Last mission to repair the Hubble telescope Hubble space telescope discoveries have enriched our understanding of the cosmos. In this special report, you will see facts about the Hubble space telescope, discoveries it has made and what the last mission's goals are.
For their own good
Fifty years ago, they were screwed-up kids sent to the Florida School for Boys to be straightened out. But now they are screwed-up men, scarred by the whippings they endured. Read the story and see a video and portrait gallery.
Fill out this form to email this article to a friend
On the verge of a breakout
The Rays may be in last now, but this young lineup is promising.
By JOHN ROMANO, Times sports columnist
Published April 20, 2007
[Times photo: James Borchuck]
Akinori Iwamura, making a diving play at third base, has a .491 on-base percentage -- second in the American League.
Delmon Young, right, has shown the potential to be an All-Star.
[Times photo: James Borchuck]
Outfielder/DH rocco Baldelli adds experience to the lineup.
ST. PETERSBURG -- Already, it is that time of the season.
Three weeks in, and the Devil Rays are in last place. Three weeks in, and the bullpen has blown leads and expectations. Three weeks in, and you are tempted to dismiss the entire season as the latest in a long line of failures.
The scene is entirely too familiar except for this detail:
These guys can play.
Caught you by surprise, hasn't it? After 15 games, the Rays were second in the American League in runs per game. They were tied for the league lead in home runs, second in slugging percentage and tied for third in walks. They were tied for second in stolen bases.
Naturally, those numbers will fade. Perhaps, even, by May. But there is potential that should last for years to come. For the first time in forever, the Rays have a lineup that will look even better tomorrow than it does today.
A lineup with punch. With speed. A lineup that makes you understand what it's like to look forward to a summer of box scores.
"There are some places we have to get better at. We all know that," manager Joe Maddon said. "But I think it's legitimate to say there are 15 guys here who can be part of a championship team someday, and they are here already.
"When some of the other young guys come up to augment this group, it's going to get really fun."
Once, this was a clubhouse in limbo. Half the guys were past their prime, and the other half wished they had one. It was Vinny Castilla and Wade Boggs on their way out the door and Brent Abernathy and Bobby Smith on a path to nowhere.
Today's lineup is fresh and soon to be a fixture. It is full of 20-somethings. Guys who are still years from free agency and hungry to make their marks.
Scoff, if you must. After all, the Rays are 6-9 and have a bullpen that makes you yearn for the days of Esteban Yan. But how can you look at this lineup and not understand the giant leap forward that has been made?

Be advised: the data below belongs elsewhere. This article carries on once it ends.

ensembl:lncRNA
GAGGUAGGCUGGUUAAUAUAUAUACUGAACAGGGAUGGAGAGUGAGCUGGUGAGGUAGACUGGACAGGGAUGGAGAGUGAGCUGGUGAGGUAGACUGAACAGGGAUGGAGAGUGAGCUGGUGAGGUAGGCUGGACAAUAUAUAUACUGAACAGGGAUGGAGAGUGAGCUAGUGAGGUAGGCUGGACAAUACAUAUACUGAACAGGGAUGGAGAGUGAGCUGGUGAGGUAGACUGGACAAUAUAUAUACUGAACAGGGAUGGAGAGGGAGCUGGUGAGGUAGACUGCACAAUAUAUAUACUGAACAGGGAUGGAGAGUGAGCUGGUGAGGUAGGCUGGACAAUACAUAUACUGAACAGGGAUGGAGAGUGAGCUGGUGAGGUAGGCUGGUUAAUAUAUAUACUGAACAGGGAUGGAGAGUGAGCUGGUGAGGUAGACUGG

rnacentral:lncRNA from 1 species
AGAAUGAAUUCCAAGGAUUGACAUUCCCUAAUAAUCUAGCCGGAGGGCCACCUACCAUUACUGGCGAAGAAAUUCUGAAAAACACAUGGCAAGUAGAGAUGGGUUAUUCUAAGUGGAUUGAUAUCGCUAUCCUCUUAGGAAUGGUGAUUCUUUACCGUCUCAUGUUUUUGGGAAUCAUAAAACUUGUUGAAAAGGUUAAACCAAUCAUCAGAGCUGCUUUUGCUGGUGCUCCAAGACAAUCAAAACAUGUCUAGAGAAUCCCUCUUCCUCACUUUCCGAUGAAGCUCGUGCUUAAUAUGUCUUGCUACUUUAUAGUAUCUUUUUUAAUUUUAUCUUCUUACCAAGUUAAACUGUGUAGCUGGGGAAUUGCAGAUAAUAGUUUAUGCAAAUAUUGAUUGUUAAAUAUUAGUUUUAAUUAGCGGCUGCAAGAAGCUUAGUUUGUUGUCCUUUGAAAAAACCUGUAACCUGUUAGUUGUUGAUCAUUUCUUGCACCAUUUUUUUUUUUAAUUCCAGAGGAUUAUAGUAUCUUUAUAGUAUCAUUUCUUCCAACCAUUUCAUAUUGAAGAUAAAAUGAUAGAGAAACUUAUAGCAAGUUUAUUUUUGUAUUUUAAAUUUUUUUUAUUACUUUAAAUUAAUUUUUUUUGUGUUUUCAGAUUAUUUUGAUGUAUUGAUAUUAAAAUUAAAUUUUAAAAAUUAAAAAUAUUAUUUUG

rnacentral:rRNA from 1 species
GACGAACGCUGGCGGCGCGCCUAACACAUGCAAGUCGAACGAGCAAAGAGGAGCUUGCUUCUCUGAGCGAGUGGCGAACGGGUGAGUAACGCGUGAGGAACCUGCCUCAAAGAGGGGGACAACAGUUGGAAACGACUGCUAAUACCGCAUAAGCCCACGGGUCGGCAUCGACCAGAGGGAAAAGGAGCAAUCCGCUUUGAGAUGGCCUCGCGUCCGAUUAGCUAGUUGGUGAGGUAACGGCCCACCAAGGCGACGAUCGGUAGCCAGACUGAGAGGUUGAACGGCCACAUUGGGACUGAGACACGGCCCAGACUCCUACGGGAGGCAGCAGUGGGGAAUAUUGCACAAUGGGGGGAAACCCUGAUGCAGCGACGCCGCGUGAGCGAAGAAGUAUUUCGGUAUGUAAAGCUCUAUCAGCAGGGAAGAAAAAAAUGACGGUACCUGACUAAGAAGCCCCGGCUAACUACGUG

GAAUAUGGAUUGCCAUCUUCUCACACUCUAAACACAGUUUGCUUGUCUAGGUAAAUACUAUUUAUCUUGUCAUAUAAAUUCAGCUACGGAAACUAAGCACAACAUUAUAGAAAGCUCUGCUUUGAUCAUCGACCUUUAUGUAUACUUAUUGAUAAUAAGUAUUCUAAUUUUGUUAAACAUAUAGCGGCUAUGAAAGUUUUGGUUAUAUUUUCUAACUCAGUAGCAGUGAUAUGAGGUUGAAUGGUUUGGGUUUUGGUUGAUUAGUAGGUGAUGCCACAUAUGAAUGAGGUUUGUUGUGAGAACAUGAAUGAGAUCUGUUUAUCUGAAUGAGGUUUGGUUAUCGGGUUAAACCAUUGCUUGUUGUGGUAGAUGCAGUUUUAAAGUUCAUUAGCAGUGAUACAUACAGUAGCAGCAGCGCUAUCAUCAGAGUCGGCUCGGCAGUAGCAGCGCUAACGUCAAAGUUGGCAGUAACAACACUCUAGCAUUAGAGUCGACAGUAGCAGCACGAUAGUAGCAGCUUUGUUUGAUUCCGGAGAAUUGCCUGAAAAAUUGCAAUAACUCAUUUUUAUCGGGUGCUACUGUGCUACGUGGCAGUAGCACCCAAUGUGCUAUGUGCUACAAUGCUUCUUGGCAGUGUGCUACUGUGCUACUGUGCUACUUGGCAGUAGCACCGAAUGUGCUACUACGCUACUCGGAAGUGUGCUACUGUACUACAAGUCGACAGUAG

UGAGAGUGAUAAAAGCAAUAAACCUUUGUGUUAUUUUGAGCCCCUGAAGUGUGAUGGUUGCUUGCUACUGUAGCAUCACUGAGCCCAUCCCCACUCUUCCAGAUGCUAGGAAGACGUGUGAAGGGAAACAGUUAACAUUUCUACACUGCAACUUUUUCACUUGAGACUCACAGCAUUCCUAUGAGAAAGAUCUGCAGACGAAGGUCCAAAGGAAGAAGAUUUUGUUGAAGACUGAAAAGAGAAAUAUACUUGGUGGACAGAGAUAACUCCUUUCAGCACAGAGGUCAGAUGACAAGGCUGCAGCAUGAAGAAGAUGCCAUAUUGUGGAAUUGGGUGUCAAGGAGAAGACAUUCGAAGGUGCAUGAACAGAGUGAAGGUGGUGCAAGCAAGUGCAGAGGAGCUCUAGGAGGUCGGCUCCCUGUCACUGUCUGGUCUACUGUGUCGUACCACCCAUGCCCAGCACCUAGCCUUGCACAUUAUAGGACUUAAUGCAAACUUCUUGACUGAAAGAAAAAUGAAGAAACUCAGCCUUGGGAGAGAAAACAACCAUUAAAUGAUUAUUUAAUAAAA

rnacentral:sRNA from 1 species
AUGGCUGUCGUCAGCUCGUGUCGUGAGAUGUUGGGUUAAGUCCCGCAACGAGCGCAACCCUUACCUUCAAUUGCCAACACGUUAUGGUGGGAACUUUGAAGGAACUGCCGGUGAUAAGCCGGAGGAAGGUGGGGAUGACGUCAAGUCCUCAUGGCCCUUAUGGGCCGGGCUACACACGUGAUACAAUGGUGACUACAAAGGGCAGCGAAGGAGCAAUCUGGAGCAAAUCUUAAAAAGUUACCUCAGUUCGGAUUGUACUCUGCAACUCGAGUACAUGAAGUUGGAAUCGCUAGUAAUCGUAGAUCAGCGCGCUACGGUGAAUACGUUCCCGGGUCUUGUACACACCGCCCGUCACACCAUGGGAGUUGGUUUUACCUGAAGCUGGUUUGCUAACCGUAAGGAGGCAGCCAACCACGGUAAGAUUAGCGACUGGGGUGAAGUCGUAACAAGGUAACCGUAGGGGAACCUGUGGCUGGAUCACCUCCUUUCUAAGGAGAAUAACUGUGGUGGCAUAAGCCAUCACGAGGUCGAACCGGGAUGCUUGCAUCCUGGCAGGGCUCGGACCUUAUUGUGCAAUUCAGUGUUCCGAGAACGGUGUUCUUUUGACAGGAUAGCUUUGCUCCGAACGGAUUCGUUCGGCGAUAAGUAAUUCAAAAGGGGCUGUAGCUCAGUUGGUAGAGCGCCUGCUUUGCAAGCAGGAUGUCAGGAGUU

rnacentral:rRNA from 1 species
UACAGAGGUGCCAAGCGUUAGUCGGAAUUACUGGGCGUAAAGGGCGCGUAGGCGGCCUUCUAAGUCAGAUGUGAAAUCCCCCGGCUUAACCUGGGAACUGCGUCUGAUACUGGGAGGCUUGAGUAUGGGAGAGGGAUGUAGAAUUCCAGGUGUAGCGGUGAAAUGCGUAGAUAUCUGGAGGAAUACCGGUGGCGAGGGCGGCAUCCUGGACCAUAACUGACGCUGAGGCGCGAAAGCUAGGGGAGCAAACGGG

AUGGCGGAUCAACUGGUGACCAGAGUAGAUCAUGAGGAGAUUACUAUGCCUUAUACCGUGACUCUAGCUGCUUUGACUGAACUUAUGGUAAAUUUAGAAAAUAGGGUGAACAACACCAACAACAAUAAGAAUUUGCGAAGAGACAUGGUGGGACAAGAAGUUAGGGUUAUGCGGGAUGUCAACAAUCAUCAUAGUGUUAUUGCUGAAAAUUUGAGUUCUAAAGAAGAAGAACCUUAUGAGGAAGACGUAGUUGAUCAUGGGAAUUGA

On this day a year ago, the Rays put Joey Gathright, Russell Branyan, Tomas Perez, Travis Lee, Toby Hall and Damon Hollins on the field.
Now, Tampa Bay is regularly trotting out Carl Crawford, Rocco Baldelli, Delmon Young, B.J. Upton, Elijah Dukes and Akinori Iwamura.
They will not all develop into All-Stars, but you can make a case that every one of them has the potential.
The pitching is still way behind, but even that will get better when Mitch Talbot and Jeff Niemann arrive some time around June.
And, from there, it will be possible to see how this team might actually become a contender. Reid Brignac is hitting .325 in Double A and will be the shortstop before the end of next season. Evan Longoria has 69 RBIs in his first 75 games as a pro and will stand next to Brignac at third base.
The days of rent-a-bodies are in the past. In the past two seasons, the Rays have been more circumspect in the type of veterans they have chased, and they've come up with Ty Wigginton, Iwamura and Al Reyes.
The bullpen may need an overhaul, but that's not quite as daunting as having to build a lineup or a rotation.
"Not only do we have a strong group of guys beneath them, but we control these guys for a lot of years, so fans can get accustomed to seeing these faces and these names," executive vice president Andrew Friedman said. "That's what's unique in this day and age, to have this talented core that has a chance to be together for many, many years."
There are still issues. The players are young and are too often clueless when it comes to the focus and discipline required of a 162-game season.
This is what Baldelli was referring to last week when he blasted the team for being too complacent the day after beating Johan Santana in Minnesota.
And it will happen again.
There will be days when the Rays appear as if they are playing with one foot already on the dance floor. That immaturity was never more evident than in the way the Rays played harder in clubs than in stadiums on road trips last season.
Remember, this is a team that won three road games after the 2006 All-Star break. Already this season, the Rays have won four on the road.
"When things go well, people tend to relax. I don't want that to ever happen," Maddon said. "As things go well, I want you to continue to grind it out and understand that, the moment you do relax, it goes away.
"That is my biggest concern. They have to learn that when things go well, it's because of all the work they put in."
It will not come together overnight. Or even over the course of this season. Chances are, the Rays will again be in last place and will again be flirting with 90 losses or more.